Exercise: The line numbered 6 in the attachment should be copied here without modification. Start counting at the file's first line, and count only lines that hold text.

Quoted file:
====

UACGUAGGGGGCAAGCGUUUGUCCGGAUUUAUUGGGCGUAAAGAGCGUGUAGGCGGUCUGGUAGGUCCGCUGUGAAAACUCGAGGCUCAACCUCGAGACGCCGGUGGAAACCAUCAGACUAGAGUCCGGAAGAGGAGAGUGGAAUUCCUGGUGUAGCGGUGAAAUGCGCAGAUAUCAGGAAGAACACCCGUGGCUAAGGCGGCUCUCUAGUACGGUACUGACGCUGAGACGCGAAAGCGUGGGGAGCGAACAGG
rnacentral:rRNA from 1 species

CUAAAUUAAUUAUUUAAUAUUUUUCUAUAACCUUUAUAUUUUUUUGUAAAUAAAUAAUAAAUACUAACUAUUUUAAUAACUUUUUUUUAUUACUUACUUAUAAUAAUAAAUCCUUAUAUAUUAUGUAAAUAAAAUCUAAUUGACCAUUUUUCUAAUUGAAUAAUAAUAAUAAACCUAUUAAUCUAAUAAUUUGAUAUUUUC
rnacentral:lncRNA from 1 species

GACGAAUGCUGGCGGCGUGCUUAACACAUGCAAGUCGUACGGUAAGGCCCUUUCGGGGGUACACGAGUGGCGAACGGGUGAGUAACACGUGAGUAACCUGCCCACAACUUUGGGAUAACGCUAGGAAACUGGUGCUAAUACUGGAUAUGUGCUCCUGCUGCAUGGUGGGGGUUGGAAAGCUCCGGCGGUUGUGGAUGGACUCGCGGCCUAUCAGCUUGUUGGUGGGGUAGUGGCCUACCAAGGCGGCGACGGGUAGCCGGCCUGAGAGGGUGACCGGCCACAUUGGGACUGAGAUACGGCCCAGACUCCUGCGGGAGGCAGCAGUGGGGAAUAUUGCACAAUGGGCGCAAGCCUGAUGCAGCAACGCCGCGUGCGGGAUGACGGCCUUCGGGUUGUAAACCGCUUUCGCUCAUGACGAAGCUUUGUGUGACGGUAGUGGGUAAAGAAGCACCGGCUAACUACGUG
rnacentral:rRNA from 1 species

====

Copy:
rnacentral:rRNA from 1 species